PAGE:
Last year I had the opportunity to spend some time in Belfast, Dublin, and Cork. Unfortunately, most of my time was spent in Dublin – my least favorite of the three. Recently I was reviewing my photos from that trip and realized how many noteworthy locks I actually found there. This will probably only be of interest to the lock nerds. If you aren’t you can still get something out of this: most American locks are junk compared to the locks used by the rest of the world.
Outside of a very few specialized fields high-security locks are almost totally unknown. Even in the field of locksmithing where high-security locks are known, they are often misunderstood. Today I am going to offer you a primer on the fascinating world of high-security mechanical locks, the security benefits they offer, and what they can’t do for you.
In my last post on physical security I talked about improving the security of your locking knobset. This time I am going to talk about the real workhorse of personnel door security: the deadbolt. I will talk about what to look for if you are looking for new deadbolt, as well enhancing deadbolt security on locks you already own/have installed .
In the last three parts of my Digital Security Primer I discussed the importance of digital security, making your device a hard target for malware, and protecting your cloud-stored data. This time I am going to get into the cool, sexy stuff: encryption for your data-in-motion. But first, I’m going to make some of you angry.
If there’s one technique in the tactical community that divides shooters into camps it’s the post-engagement search and assess. Yes, I’m talking about the, “look left, look right, look rear” after you’ve taken your shots, but before you tac reload/holster/move/whatever. Some very knowledgeable shooters I know and trainers I’ve trained under recommend this practice. Some equally knowledgeable guys that I know, train with, or read call it “tactical theater.” Let’s talk about it.
During the month of April I am doing two-a-days with dry practice. Aside from my normal practice routine with my EDC handgun, I am also spending ten minutes per day with my shotgun. This has me thinking a lot about the defensive shotgun. Additionally, with the surge of gun sales in recent weeks I’m sure at least a few people are the brand-new owner of a shotgun, so I will share a few of my ruminations.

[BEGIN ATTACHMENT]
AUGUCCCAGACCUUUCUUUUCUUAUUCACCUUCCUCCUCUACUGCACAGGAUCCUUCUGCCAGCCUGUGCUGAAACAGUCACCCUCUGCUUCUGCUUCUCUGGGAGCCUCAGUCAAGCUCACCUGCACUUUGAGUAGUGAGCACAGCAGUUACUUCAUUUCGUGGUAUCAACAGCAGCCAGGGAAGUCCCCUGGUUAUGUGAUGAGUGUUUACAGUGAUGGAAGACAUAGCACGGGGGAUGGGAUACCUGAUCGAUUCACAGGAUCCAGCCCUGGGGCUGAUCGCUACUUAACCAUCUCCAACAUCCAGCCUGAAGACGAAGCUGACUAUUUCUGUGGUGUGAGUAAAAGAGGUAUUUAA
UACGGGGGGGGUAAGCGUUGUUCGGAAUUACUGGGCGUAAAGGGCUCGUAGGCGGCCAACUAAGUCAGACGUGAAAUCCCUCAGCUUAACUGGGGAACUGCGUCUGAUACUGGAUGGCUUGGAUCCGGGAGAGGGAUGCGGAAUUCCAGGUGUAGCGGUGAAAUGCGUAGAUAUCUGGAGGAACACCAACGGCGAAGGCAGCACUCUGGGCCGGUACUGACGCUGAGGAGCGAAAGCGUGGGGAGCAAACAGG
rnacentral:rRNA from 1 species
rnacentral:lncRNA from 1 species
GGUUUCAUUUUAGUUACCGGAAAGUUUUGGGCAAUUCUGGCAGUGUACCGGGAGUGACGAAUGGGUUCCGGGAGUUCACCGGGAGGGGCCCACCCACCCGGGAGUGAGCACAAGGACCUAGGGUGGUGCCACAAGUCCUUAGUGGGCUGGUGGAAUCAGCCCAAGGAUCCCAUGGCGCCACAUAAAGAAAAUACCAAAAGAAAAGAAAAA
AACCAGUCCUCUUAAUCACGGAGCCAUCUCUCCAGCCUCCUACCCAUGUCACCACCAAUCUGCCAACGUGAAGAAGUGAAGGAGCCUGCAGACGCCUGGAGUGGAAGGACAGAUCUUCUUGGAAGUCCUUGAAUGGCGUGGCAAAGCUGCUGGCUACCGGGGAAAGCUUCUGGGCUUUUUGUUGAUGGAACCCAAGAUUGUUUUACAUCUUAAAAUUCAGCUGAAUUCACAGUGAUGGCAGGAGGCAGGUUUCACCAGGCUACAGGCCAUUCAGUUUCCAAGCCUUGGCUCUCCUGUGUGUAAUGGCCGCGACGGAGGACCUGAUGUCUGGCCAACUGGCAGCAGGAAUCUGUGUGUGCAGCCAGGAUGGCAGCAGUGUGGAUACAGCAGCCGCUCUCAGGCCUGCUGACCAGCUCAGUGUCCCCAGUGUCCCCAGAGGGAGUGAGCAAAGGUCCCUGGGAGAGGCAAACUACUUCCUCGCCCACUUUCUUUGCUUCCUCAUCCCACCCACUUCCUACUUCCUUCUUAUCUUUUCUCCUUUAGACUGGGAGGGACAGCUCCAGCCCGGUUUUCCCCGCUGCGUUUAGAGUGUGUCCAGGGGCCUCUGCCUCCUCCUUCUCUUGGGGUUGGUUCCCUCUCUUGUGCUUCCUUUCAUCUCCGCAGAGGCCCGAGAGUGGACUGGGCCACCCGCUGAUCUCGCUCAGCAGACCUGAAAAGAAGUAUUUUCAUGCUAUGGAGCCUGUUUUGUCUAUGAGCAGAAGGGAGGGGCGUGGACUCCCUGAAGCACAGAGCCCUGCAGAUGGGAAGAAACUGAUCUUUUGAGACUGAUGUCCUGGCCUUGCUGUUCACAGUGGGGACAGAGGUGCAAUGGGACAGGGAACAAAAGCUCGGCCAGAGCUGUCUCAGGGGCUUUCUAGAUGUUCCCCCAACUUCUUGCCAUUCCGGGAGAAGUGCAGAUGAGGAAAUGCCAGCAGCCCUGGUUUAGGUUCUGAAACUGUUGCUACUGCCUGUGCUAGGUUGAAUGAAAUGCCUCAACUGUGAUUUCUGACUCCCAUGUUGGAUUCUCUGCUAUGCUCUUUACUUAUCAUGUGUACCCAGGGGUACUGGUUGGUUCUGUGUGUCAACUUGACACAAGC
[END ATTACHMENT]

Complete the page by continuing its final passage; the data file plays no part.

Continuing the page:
With a lot of you working from or otherwise hanging out at home, I hope a lot of my readers are using their time to learn some stuff. One thing I hope everyone stuck at home is doing is dry-practicing. Another thing that might nudge some into dry practice is the current ammo shortage. Today I’m going to talk about some very simple, low-cost things you can to do increase the value of your dry practice time.
Today I am going to present two techniques, one offensive and one defensive. The first is how to shim a door using the ol’ “credit card trick.” The second is how to protect your doors from being shimmed.
I have dry practiced every day this year and I dry practiced over 320 days last year. The vast majority of that practice has been with my carry gun. This necessitates a lot of loading and unloading of my carry gun, and some wear and tear on my carry ammo. This is how I manage ammo rotation with a heavy dry practice regimen.
Today I’m going to post on some common key nomenclature. I understand that this isn’t incredibly riveting information to most of you. For those of you with an interest in locks and lock defeat, however, this – and a future post on lock nomenclature – is very important groundwork. This post should serve as a useful reference for some of those future posts, as well as posts on securing your locks from various defeats.